An epidemic of teenage … loneliness

New York Post - Opinion

By Karol Markowicz

Americans are lonelier than ever, and the crisis now impacts our children.

The loneliness of older people, those in the twilight of their lives, has received a great deal of ­attention in the last few years. An alarming share of Baby Boomers — one of every 11, according to The Wall Street Journal — are growing old without any family around.

Human Contact Is Now a Luxury Good

New York Times

By Nellie Bowles

Screens used to be for the elite. Now avoiding them is a status symbol.

Bill Langlois has a new best friend. She is a cat named Sox. She lives on a tablet, and she makes him so happy that when he talks about her arrival in his life, he begins to cry.

The Sad State of Happiness in the United States and the Role of Digital Media

World Happiness Report

The years since 2010 have not been good ones for happiness and well-being among Americans. Even as the United States economy improved after the end of the Great Recession in 2009, happiness among adults did not rebound to the higher levels of the 1990s, continuing a slow decline ongoing since at least 2000 in the General Social Survey (Twenge et al., 2016; also see Figure 5.1).

A Mental Health Pandemic: Is the World Getting More Addicted, Anxious, and Lonely?

Medium - Positive Returns

By Erica Orange & Jared Weiner, The Future Hunters, and Eshanthi Ranasinghe, Exploration & Future Sensing, Omidyar Network

Mental health issues today have almost become pandemic. Depression and anxiety in particular are increasing rapidly, with much still clinically under- and undiagnosed. This pattern is persistent around the world. The World Economic Forum estimated that direct and indirect costs of mental health amount to over 4 percent of global GDP, more than the cost of cancer, diabetes, and chronic respiratory disease combined. This could cost the global economy up to $16 trillion between 2010 and 2030, and more than $6 trillion annually after that, if a collective failure to respond is not addressed.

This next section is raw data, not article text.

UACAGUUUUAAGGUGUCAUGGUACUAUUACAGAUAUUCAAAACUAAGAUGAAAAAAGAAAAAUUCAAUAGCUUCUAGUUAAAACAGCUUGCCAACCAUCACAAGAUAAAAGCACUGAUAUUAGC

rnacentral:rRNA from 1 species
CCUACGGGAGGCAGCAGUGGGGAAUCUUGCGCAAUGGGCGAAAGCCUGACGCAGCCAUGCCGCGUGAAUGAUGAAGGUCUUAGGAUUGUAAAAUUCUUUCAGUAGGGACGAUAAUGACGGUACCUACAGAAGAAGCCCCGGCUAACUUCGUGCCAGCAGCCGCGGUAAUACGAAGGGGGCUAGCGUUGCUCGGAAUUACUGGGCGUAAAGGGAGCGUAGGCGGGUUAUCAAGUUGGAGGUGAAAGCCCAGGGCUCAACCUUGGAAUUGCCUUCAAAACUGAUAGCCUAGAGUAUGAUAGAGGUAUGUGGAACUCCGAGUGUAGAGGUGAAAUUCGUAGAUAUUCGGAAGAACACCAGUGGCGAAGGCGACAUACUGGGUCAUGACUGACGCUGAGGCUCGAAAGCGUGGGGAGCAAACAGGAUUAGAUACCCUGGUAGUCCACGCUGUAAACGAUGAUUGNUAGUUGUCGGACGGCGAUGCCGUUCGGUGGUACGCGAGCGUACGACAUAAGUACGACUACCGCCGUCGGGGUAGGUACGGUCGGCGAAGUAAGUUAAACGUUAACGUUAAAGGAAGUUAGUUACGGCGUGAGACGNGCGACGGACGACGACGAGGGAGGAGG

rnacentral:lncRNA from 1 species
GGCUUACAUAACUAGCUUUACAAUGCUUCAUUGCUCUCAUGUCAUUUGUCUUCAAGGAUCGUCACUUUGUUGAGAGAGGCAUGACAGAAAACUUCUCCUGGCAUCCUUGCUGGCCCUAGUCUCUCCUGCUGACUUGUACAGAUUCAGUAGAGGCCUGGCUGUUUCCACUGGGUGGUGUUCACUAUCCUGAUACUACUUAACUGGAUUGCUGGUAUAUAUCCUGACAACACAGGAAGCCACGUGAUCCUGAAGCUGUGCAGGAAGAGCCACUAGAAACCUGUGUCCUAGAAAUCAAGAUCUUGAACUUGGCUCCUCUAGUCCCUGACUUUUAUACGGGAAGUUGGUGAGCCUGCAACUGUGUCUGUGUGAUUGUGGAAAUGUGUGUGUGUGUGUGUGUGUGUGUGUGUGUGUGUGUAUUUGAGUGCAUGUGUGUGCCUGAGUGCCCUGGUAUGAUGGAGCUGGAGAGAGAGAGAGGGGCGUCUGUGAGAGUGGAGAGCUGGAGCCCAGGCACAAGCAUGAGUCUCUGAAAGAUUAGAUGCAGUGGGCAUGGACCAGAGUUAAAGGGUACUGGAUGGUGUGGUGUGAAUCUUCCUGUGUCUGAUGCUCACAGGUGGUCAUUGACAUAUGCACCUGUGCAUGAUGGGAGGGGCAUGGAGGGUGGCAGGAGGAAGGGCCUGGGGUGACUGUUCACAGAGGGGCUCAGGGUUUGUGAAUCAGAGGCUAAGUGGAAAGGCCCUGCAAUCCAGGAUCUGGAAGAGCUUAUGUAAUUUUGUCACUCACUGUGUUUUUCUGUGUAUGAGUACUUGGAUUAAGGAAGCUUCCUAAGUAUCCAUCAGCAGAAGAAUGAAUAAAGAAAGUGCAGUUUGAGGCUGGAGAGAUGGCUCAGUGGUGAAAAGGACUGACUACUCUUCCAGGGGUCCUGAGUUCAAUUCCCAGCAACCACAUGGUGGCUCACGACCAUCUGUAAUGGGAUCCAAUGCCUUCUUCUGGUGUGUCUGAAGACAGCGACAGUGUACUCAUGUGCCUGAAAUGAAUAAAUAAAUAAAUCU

Addiction, Depression, and Meaningful Life

Podcast - Making Sense with Sam Harris

In this episode Sam Harris speaks with Johann Hari about his books Chasing the Scream and Lost Connections. Johann Hari is the New York Times bestselling author of Chasing the Scream, which is being adapted into a feature film. He was twice named "Newspaper Journalist of the Year" by Amnesty International UK.

Let Children Be Bored Again

New York Times

by Pamela Paul

“It's especially important that kids get bored — and be allowed to stay bored — when they're young. That it not be considered “a problem” to be avoided or eradicated by the higher-ups, but instead something kids grapple with on their own."

I decided to take a year off from social media. Here’s what I’ve learned so far

Washington Post - Opinions

By John Green

Green is the author of several novels, including “Looking for Alaska” and “Turtles All the Way Down.” This op-ed was adapted from a series of “vlogbrothers” videos on YouTube.

When my dad connected our family computer to the Internet in 1992, all I saw were green letters on a black screen. He tried to explain what was so amazing about the Internet: “You can find out what the weather is like in Beijing,” he said. “Or you can download ‘The Apology of Socrates’ for free. The entire text!”

How (And Why) to Build Some Boredom Back Into Your Life


By Clay Skipper

Remember when you were a kid and you used to say, “Mom, I’m booored,” and she’d tell you to go entertain yourself? Maybe you don’t. Maybe you weren’t as whiny as me. Or maybe you were born sometime in the last two decades(ish), and had a childhood that perpetually involved a screen. But there was a time before the iPhone (and after the Industrial Revolution, which, really, gave birth to leisure time) when we humans desperately tried to avoid the dark embrace of boredom. Having nothing to do meant spending time alone with your own thoughts. Which: Ew.

A Dark Consensus About Screens and Kids Begins to Emerge in Silicon Valley

New York Times

By Nellie Bowles